Mbeki eventually convinced Mandela that they needed to spread that kind of confidence to the global market by giving in fully to the Washington Consensus and its free-market economics. As Mbeki put it, the beast had been unleashed and couldn’t be tamed; it could only be fed the endless growth it craved.
Mandela and Mbeki started meeting with Harry Oppenheimer, a former chairman of De Beers, among other massive companies. Though De Beers and Oppenheimer were symbols of the former apartheid rule, he became their guide to the new world of free-market capitalism. He even reviewed, edited, and finally approved the ANC’s new economic program.
Even with their efforts to appease the market, South Africa kept being rocked by painful shocks. Finally, Mbeki determined that what they really needed was to completely break with their past image and goals and rebuild the economy from scratch. In 1996, he unveiled his new plan: A classic Friedman-style shock therapy program that featured increased privatization, decreased government spending, and further deregulation. Just to make sure that the US and Britain got the message, he called himself a “Thatcherite.”
However, it didn’t work. Investors still weren’t biting at the volatile South African market, and all that Mbeki’s shock therapy did was depress the rand even further.
The South African writer Ashwin Desai, who spent time in prison during the struggle for freedom, has noted striking similarities between the behavior of prisoners and the behavior of the ANC. Prisoners who please the wardens will be treated better, so many try their hardest to follow the rules and curry favor with their captors. Desai says that the ANC was doing the same thing, only their captor was the global market.
The ANC outright rejected any measure that might be seen as anti-business. For example, the Truth and Reconciliation Commission—whose purpose was to hear testimony from victims of human rights abuses and grant reparations for their suffering—suggested a one-time, 1% tax on corporations that had profited from apartheid. It was a modest suggestion by any means, but one that Mbeki’s government refused to consider.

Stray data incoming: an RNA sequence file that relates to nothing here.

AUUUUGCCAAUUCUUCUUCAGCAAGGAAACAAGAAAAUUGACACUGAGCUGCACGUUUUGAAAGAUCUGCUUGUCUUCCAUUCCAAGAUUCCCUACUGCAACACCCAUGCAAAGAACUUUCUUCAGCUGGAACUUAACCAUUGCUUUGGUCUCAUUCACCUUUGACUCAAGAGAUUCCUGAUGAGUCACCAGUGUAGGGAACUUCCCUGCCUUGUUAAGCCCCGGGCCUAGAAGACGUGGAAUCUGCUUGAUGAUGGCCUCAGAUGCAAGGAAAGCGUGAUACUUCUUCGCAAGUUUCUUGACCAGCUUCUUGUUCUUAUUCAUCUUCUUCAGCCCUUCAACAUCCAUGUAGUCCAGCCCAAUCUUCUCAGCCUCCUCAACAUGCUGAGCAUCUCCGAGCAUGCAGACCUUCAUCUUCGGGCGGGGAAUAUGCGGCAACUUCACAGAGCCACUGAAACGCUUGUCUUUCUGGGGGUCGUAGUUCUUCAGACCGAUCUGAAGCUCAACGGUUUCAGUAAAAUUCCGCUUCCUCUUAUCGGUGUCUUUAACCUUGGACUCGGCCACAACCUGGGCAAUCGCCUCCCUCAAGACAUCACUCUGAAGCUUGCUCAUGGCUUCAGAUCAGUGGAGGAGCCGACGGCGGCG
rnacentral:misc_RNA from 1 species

To make matters worse, the government is still saddled with the debt burden left over from apartheid, which costs some 30 billion rand in interest each year (about $4.5 billion). That means that any money the government does bring in has to go toward that expense first.
For example, between 1997 and 2004 the ANC sold 18 government-owned farms and raised about $4 billion, half of which went to paying the debt. So, not only was the ANC not living up to the promises of the Freedom Charter, it was doing the exact opposite: selling national land to wealthy investors, and using the money to pay the National Party’s debts.
However, in spite of Nelson Mandela’s own acknowledgment that the national debt was the single greatest obstacle to fulfilling the Freedom Charter, the ANC has refused to default on the loans. While there’s likely a strong case that the debts are odious and don’t need to be paid off, the ANC has been too afraid of further painful market shocks to try.
All of this means that post-apartheid South Africa is languishing under a kind of reverse reparations. The white-owned businesses that profited from apartheid haven’t paid a dime in reparations, while the victims continue to have their own national and personal wealth stripped away to pay their oppressors.
The last straw that got the ANC to abandon even the pretense of redistribution was an unimaginative, yet persuasive argument: Everybody’s doing it. Major banks and governments all over the world were going all-in on deregulation, free trade, and reduced spending. ANC leaders were shuttled to international organizations like the IMF, where they were trained in so-called modern economics. It was an ideological onslaught that the ANC was totally unprepared for, and couldn’t resist.
As for the Freedom Charter, people’s views on it in various parts of the country show its failed promises plainly enough. Rich folks in gated communities and executive boardrooms regard it warmly, as a statement of goodwill and good intentions with no teeth behind it. However, in poor townships, it’s a painful reminder of what they never got.
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- A study of the history of economic shock therapy
- How economic shock therapy gave rise to the disaster capitalism complex
- How communities are beginning to recover from the destructive shock treatments